Making the EU more attractive to foreign students and researchers
The European Parliament’s Civil Liberties Committee has proposed a number of amendments to rules drafted by the European Commission that aim to provide better working and living conditions for non-EU students, researchers, trainees, volunteers, school pupils and au pairs.
According to the Commission, each year Europe spends 0.8% of GDP less than the US and 1.5% less than Japan on Research and Development (R&D) and many of the best researchers and innovators are moving to countries where they get better conditions. It is hoped that this update of current EU rules would introduce fairer conditions and make the EU more attractive to third-country nationals seeking research or training opportunities.
The proposals include:
- After finishing their research or studies, third-country nationals should be entitled to stay in the member state where they studied or did their research for one and a half years in order to look for work or set up a firm. The Commission had proposed that this period be limited to one year.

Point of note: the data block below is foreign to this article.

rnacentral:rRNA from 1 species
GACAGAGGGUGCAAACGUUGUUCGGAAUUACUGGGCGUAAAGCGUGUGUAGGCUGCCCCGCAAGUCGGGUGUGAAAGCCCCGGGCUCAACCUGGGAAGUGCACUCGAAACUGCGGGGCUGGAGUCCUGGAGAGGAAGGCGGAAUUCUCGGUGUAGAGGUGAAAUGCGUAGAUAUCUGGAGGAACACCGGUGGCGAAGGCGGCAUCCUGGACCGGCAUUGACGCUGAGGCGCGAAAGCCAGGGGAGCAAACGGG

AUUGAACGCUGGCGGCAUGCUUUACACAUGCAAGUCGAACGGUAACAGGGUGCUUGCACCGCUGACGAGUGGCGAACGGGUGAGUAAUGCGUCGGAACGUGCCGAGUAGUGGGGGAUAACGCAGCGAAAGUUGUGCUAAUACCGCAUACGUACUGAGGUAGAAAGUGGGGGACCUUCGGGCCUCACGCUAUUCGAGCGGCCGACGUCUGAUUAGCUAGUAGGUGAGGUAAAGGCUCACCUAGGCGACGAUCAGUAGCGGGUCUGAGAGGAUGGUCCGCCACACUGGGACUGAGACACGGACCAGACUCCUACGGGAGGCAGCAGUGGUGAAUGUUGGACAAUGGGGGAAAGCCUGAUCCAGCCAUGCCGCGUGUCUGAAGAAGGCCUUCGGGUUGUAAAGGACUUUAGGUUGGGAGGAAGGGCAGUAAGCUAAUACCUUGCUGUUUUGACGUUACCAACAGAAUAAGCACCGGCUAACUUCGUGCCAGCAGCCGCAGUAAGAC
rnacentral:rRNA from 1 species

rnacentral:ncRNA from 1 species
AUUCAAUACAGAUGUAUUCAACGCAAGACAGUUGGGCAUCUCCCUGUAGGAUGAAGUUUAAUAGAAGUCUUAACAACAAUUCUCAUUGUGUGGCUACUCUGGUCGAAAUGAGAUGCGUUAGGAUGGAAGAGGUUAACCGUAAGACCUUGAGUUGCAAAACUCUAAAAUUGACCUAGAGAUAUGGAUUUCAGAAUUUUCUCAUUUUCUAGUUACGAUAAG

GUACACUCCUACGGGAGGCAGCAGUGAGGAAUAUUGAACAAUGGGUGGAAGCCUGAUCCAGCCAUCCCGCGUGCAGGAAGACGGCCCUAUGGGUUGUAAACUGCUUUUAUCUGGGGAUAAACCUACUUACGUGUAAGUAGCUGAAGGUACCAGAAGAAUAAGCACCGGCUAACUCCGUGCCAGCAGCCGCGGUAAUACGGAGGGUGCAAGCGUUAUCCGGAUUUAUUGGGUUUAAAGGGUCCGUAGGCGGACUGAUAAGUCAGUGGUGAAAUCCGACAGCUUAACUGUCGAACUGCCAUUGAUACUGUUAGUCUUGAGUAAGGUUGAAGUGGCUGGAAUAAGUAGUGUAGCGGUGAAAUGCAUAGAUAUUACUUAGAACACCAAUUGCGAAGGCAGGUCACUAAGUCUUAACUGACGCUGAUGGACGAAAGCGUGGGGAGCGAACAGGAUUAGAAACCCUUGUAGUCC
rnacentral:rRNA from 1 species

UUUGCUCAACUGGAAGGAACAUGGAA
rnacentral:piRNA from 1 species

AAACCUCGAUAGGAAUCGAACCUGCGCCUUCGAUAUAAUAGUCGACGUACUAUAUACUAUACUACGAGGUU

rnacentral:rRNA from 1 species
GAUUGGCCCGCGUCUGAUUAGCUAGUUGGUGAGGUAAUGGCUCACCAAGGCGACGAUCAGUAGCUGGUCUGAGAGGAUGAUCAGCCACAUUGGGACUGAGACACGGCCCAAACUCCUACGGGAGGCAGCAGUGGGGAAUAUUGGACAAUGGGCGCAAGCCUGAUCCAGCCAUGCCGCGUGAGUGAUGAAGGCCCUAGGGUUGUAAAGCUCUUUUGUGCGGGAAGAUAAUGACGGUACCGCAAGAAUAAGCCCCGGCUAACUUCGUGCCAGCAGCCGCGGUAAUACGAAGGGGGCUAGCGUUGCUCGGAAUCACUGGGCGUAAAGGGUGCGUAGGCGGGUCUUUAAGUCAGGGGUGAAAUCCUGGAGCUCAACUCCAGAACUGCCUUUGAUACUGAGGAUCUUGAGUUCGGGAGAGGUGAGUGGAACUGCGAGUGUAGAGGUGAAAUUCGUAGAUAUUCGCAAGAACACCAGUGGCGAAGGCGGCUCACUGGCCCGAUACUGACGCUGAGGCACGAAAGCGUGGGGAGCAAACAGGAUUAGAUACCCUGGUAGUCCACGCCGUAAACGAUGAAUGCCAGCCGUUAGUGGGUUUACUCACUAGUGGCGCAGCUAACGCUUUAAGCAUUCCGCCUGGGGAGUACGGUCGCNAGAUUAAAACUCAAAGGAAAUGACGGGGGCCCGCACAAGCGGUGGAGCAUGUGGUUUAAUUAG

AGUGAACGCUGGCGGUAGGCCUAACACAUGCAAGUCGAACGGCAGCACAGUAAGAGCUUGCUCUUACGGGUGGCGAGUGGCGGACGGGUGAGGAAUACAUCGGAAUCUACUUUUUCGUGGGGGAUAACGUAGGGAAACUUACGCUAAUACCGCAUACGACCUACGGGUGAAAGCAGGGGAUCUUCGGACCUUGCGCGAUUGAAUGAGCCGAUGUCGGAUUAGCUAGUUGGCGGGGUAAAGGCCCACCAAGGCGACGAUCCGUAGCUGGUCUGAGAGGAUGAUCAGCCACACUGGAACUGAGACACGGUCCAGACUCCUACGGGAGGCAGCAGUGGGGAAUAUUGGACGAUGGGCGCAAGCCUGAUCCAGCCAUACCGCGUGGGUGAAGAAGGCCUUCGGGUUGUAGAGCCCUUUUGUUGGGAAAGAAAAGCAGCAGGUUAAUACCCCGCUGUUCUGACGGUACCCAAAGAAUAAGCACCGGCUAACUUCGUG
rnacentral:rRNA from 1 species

- Member states may require the payment of fees for handling applications. However, these fees should not be so excessive or disproportionate as to hinder the aims of this legislation. If fees are paid by the person concerned, he/she should be reimbursed by the host entity or the host family.
- MEPs suggest a 30-day deadline (compared to the 60 days proposed by the Commission) for member states to accept or refuse applications. They also added a 30-day deadline for deciding on an appeal against a refusal.
- MEPs back the Commission’s proposal to grant foreign researchers and students the right to work, although member states could set certain limits to this. Researchers would be allowed to teach and students would be allowed to do paid jobs, but only outside their study time. Researchers’ and students’ family members would also have the right to join their relatives and work in the same member state.
- Under the Commission’s proposal, researchers, students and trainees would have the right to move between member states. MEPs propose to extend this right to volunteers as a general rule.
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